Software Engineering-FURPS

The quality factors described by McCall and his colleagues  represent one of a number of suggested “checklists” for software quality. Hewlett-Packard  developed a set of software quality factors that has been given the acronym FURPS—functionality, usability, reliability, performance, and supportability. The FURPS quality factors draw liberally from earlier work, defining the following attributes for each f the five major factors:

• Functionality is assessed by evaluating the feature set and capabilities of the program, the generality of the functions that are delivered, and the security of the overall system.

• Usability is assessed by considering human factors , overall aesthetics, consistency, and documentation.

• Reliability is evaluated by measuring the frequency and severity of failure, the accuracy of output results, the mean-time-to-failure (MTTF), the ability to recover from failure, and the predictability of the program.

• Performance is measured by processing speed, response time, resource consumption, throughput, and efficiency.

• Supportability combines the ability to extend the program (extensibility), adaptability, serviceability—these three attributes represent a more common term, maintainability—in addition, testability, compatibility, configurability , the ease with which a system can be installed, and the ease with which problems can be localized.

The FURPS quality factors and attributes just described can be used to establish quality metrics for each step in the software engineering process.

ISO 9126 Quality Factors

The ISO 9126 standard was developed in an attempt to identify the key quality attributes for computer software. The standard identifies six key quality attributes:

Functionality. The degree to which the software satisfies stated needs as indicated by the following subattributes: suitability, accuracy, interoperability, compliance, and security.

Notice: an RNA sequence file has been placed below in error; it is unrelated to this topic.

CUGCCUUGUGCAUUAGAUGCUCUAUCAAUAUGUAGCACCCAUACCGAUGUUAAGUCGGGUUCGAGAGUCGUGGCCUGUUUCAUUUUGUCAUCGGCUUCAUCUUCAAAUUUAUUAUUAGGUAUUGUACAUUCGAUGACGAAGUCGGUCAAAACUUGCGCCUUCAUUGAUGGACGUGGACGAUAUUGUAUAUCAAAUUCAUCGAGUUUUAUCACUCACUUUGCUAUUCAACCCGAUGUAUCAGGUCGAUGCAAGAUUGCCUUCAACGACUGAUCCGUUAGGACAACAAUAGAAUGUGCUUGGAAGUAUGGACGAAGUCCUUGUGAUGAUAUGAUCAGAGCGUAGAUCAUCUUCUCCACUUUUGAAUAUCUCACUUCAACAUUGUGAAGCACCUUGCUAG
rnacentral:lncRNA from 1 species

Reliability. The amount of time that the software is available for use as indicated by the following subattributes: maturity, fault tolerance, recoverability.

Usability. The degree to which the software is easy to use as indicated by the following subattributes: understandability, learnability, operability.

Efficiency. The degree to which the software makes optimal use of system resources as indicated by the following subattributes: time behavior, resource behavior.

Maintainability. The ease with which repair may be made to the software as indicated by the following subattributes: analyzability, changeability, stability, testability.

Portability. The ease with which the software can be transposed from one environment to another as indicated by the following subattributes: adaptability, installability, conformance, replaceability.

Like other software quality factors , the ISO 9126 factors do not necessarily lend themselves to direct measurement. However, they do provide a worthwhile basis for indirect measures and an excellent checklist for assessing the quality of a system.

The Transition to a Quantitative View
We strive to develop precise measures for software quality and are sometimes frustrated by the subjective nature of the activity. Cavano and McCall discuss this situation:

The determination of quality is a key factor in every day events—wine tasting contests, sporting events [e.g., gymnastics], talent contests, etc. In these situations, quality is judged in the most fundamental and direct manner: side by side comparison of objects under identical conditions and with predetermined concepts. The wine may be judged according to clarity, color, bouquet, taste, etc. However, this type of judgement is very subjective; to have any value at all, it must be made by an expert.

Subjectivity and specialization also apply to determining software quality. To help solve this problem, a more precise definition of software quality is needed as well as a way to derive quantitative measurements of software quality for objective analysis . . . Since there is no such thing as absolute knowledge, one should not expect to measure software quality exactly, for every measurement is partially imperfect. Jacob Bronkowski described this paradox of knowledge in this way: "Year by year we devise more precise instruments with which to observe nature with more fineness. And when we look at the observations we are discomfited to see that they are still fuzzy, and we feel that they are as uncertain as ever."
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